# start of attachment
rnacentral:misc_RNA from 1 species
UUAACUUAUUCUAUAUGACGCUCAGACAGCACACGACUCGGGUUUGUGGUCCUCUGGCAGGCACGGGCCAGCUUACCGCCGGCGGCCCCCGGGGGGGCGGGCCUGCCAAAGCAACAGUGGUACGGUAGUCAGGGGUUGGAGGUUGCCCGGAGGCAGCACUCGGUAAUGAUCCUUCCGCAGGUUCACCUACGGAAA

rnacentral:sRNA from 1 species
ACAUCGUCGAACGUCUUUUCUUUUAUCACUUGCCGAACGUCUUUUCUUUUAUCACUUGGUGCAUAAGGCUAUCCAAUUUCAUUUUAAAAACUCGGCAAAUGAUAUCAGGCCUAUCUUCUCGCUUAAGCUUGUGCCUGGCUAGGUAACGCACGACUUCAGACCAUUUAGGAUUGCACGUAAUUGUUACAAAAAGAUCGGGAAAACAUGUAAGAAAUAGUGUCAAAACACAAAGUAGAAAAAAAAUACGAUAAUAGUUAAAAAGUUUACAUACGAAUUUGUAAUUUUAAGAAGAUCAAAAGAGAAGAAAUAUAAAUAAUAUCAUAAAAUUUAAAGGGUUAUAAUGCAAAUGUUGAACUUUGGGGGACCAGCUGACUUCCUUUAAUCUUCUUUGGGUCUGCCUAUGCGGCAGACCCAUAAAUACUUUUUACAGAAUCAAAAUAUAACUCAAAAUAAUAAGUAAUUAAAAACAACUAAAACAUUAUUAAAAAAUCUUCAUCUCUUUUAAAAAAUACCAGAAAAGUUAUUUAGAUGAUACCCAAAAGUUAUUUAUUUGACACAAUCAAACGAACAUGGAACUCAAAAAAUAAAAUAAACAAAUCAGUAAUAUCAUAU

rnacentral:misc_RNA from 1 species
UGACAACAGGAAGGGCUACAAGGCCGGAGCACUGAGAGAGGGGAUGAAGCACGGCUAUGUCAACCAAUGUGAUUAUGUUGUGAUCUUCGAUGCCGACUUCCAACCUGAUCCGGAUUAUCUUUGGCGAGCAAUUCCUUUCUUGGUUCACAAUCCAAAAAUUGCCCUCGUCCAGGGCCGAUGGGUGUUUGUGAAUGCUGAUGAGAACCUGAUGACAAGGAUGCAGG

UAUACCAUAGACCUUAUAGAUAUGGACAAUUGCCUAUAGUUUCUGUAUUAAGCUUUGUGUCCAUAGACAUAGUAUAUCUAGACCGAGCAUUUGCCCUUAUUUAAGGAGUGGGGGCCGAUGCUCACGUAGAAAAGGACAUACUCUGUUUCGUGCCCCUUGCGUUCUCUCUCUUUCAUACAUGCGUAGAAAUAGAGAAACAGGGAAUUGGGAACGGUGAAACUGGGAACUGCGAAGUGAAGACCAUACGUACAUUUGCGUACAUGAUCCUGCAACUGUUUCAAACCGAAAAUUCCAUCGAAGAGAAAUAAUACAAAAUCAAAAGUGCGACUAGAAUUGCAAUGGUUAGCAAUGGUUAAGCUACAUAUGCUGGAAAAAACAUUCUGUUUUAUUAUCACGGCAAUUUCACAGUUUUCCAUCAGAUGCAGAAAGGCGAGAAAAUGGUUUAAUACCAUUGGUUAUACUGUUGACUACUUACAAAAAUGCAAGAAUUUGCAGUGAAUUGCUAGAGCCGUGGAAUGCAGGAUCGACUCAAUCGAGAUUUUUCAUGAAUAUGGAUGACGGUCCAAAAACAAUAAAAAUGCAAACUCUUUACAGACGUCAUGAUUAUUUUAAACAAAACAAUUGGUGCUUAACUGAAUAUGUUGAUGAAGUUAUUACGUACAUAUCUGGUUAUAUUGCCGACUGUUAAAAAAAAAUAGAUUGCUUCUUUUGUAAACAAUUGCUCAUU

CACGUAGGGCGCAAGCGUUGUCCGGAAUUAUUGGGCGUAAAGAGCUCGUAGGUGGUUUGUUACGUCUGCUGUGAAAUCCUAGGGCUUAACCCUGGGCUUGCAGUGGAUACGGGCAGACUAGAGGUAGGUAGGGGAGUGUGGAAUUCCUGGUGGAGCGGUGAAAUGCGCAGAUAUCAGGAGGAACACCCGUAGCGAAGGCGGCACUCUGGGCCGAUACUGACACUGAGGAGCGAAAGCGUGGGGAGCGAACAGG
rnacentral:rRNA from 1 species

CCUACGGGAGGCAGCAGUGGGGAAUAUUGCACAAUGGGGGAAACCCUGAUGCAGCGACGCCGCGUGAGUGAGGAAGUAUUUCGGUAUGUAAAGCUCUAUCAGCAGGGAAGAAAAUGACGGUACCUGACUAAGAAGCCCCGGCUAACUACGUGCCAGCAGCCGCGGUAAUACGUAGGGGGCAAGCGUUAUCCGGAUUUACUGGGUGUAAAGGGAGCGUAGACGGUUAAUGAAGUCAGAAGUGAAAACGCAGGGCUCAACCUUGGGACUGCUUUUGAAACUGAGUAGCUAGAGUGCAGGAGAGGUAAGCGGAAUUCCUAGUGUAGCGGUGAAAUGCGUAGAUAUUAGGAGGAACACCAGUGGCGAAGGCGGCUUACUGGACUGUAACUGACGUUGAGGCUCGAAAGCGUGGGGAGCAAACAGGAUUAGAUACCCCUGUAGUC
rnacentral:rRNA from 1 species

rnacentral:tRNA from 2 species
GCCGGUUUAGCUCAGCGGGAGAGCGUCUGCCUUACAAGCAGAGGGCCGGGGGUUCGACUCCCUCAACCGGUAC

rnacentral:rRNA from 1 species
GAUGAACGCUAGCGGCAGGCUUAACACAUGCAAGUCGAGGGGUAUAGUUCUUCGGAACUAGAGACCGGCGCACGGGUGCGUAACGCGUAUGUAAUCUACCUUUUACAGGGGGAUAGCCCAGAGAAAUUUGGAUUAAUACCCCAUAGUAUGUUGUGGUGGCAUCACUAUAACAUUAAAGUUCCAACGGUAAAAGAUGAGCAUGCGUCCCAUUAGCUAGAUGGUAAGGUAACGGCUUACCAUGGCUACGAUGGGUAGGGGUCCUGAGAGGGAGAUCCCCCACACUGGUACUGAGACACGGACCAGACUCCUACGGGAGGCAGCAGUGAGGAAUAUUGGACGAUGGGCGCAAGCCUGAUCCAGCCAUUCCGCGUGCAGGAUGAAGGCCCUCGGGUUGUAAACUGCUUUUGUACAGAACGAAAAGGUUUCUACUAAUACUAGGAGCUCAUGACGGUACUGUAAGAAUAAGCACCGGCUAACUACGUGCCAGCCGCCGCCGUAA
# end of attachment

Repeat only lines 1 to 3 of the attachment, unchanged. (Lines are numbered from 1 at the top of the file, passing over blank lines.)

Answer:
rnacentral:misc_RNA from 1 species
UUAACUUAUUCUAUAUGACGCUCAGACAGCACACGACUCGGGUUUGUGGUCCUCUGGCAGGCACGGGCCAGCUUACCGCCGGCGGCCCCCGGGGGGGCGGGCCUGCCAAAGCAACAGUGGUACGGUAGUCAGGGGUUGGAGGUUGCCCGGAGGCAGCACUCGGUAAUGAUCCUUCCGCAGGUUCACCUACGGAAA

rnacentral:sRNA from 1 species